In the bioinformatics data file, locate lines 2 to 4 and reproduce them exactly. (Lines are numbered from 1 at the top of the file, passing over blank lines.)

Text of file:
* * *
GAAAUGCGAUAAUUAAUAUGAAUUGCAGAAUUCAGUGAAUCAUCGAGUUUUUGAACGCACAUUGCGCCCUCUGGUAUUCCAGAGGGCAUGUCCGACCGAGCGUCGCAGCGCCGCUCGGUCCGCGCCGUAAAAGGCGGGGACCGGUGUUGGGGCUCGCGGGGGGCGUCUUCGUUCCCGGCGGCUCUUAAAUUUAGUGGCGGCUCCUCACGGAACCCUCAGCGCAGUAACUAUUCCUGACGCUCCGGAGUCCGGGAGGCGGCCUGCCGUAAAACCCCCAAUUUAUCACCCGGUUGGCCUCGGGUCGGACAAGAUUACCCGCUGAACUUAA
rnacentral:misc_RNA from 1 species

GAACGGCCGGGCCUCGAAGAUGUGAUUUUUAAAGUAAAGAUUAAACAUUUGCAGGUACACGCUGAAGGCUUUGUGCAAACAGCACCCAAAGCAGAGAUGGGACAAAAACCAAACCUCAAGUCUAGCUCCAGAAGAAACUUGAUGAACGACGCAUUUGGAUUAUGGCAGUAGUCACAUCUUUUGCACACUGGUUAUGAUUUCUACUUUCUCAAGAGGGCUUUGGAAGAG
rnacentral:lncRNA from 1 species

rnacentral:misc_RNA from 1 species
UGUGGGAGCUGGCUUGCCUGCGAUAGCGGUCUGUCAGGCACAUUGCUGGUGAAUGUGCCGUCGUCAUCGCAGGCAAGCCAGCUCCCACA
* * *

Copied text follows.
rnacentral:misc_RNA from 1 species

GAACGGCCGGGCCUCGAAGAUGUGAUUUUUAAAGUAAAGAUUAAACAUUUGCAGGUACACGCUGAAGGCUUUGUGCAAACAGCACCCAAAGCAGAGAUGGGACAAAAACCAAACCUCAAGUCUAGCUCCAGAAGAAACUUGAUGAACGACGCAUUUGGAUUAUGGCAGUAGUCACAUCUUUUGCACACUGGUUAUGAUUUCUACUUUCUCAAGAGGGCUUUGGAAGAG
rnacentral:lncRNA from 1 species